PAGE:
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Monday, 10 November 2014

Let me take you to a captivating 18th-century retreat

Hello everybody!

It's been ages since the last time I've taken you on a house-tour. Stolling down online pages of Architectural Digest, I have stumbled upon an amazing house; and I must take you on a tour.


Anyone who has spent time at Villar joins in the Agnelli traditions. Morning hikes in the foothills of the Alps are typically followed by chess and Scrabble in the garden room. European newspapers are stacked in strategic spots, and books in Italian, French, and English are arranged in baskets on a large table, ready for perusal.

The flamboyant Chinese Gallery is the centerpiece of Villar Perosa, 
the 18th-century Northern Italian estate 
that has been style leader Marella Agnelli’s country home since 1953. 
She restored the vaulted space with the help of French decorator Stephane Boudin.

A sofa designed by Stephane Boudin spans one end of the piano nobile’s main salon, 
which is decorated with panels of antique Chinese wallpaper; 
the Italian chandelier dates from the 18th century.

An 18th-century landscape by V. A. Cignaroli surmounts a sofa in another salon, 
while the easel holds a painting of the Marchioness of Prie,
 a former owner of the villa; the carpet is an antique Aubusson.

Card games were traditionally played in the salone da gioco, 
where 18th-century Piedmontese portraits 
of a king and queen of Sardinia are displayed.

Majolica plaques ornament the walls of a dining room; 
the furnishings are antique.

Paintings by Armando Spadini (left) and Emmanuel Gondouin hang in the library, 
which Agnelli and Stephane Boudin created in the 1950s; 
the sofa is a Boudin design. 
The floral pyramids, here featuring dahlias, are an Agnelli hallmark.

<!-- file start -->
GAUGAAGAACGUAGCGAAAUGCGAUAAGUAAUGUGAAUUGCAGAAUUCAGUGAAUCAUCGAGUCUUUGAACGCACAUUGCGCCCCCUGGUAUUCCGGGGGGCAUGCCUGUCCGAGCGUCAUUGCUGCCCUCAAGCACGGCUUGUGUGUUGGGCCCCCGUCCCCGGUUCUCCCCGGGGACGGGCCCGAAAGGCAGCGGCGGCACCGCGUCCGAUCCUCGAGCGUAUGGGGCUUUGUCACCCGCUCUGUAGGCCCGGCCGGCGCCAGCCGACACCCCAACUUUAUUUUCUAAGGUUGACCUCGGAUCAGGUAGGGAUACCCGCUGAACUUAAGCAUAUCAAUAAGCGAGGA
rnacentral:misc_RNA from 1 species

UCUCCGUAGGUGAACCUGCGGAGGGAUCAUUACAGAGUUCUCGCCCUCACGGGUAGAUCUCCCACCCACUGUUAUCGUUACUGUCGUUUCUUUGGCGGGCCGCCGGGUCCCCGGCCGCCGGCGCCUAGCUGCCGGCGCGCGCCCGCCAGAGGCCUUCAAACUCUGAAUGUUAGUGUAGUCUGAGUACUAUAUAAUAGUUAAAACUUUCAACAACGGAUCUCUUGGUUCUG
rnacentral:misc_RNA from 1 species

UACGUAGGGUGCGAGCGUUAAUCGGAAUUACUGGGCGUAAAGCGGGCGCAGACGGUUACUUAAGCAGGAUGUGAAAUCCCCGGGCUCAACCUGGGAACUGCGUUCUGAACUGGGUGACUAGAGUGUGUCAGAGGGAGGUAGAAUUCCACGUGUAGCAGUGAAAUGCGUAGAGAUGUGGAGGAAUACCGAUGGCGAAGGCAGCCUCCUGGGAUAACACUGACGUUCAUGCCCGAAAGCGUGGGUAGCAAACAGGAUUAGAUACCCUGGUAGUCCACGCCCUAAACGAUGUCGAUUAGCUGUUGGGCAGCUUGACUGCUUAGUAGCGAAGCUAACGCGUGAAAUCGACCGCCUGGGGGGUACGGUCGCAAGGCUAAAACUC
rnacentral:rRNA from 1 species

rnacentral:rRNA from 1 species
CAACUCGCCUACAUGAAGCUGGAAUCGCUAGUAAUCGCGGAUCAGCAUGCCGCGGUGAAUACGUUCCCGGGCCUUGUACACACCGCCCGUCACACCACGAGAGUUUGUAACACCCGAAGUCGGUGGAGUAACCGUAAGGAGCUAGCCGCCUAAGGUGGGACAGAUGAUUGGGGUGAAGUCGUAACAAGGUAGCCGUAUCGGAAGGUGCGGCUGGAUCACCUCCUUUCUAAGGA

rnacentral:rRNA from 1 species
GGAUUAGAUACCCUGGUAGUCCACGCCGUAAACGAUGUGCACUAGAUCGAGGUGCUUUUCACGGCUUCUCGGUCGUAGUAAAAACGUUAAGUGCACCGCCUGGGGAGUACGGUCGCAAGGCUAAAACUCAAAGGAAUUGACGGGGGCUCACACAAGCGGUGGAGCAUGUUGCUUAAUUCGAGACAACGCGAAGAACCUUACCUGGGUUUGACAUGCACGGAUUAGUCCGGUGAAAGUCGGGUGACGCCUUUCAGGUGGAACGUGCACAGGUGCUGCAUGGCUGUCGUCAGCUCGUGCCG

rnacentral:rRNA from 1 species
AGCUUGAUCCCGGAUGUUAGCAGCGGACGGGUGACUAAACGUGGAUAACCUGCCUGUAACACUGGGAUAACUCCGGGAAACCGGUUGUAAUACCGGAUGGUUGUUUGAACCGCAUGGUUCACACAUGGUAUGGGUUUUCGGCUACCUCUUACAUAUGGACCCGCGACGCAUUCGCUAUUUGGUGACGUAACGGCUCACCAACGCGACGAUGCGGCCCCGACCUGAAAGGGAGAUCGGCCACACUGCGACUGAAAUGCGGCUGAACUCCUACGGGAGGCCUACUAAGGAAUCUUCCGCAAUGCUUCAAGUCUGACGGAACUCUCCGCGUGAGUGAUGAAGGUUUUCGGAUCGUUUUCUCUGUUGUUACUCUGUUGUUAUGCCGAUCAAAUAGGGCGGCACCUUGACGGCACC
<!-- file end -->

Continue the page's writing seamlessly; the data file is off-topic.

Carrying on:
Finely pleated fabric lines the television room; 
an 1880s Louis Vivin painting of a heron hangs above the antique sofa, 
amid 19th-century botanical illustrations.

On the top floor, the suite belonging to Marella Agnelli
 is embellished with a lively floral pattern.

Decorated by Stephane Boudin in the 1950s,
 the Bishop’s Room features antique paintings set within carved moldings, 
an embroidered bed, and a Louis XV leather-clad sofa.

Bronze busts and portraits of family membersare displayed in the children’s wing, 
which wasconstructed in the 1920s; 
the doors lead to bedrooms, 
and the large circa-1927 group portrait depicts Gianni Agnelli (left), 
his sisters Susanna and Clara, 
and their half-American mother, Virginia Bourbon del Monte.

Flowered borders outline a bedroom in the children’s wing; 
beside the French doors hangs a painting by Constant-Joseph Brochart.

A loggia is outfitted with rattan and wicker furniture.

Yews and boxwood embrace the Gothic Revival family chapel.

A dash of glamour, to brighten-up the day.
I hope you liked it.


  1. Let me call the movers - and my fairy godmother - right now! :D Swoon, sigh, love. I have always been endlessly wild about OTT baroque 18th century style, so is definitely one of the types of amazing abodes that falls squarely into dream home territory for me. Could you imagine what it would really be like to live somewhere so incredibly opulent? I suspect it would be amazing, but at times perhaps a bit much, too, especially if you were (as I am) used to much (!!!) smaller dwellings. Still, I'd certainly hop that the chance if a genie or the aforementioned fairy godmother ever wanted to grant it to me. :D

    ♥ Jessica

    1. Do call them.
      I think we would be hosemates.. and sharing a house like that would be no problem, not only due to it's glamourous look, but also it's size is.. not something I'd know how to behave in.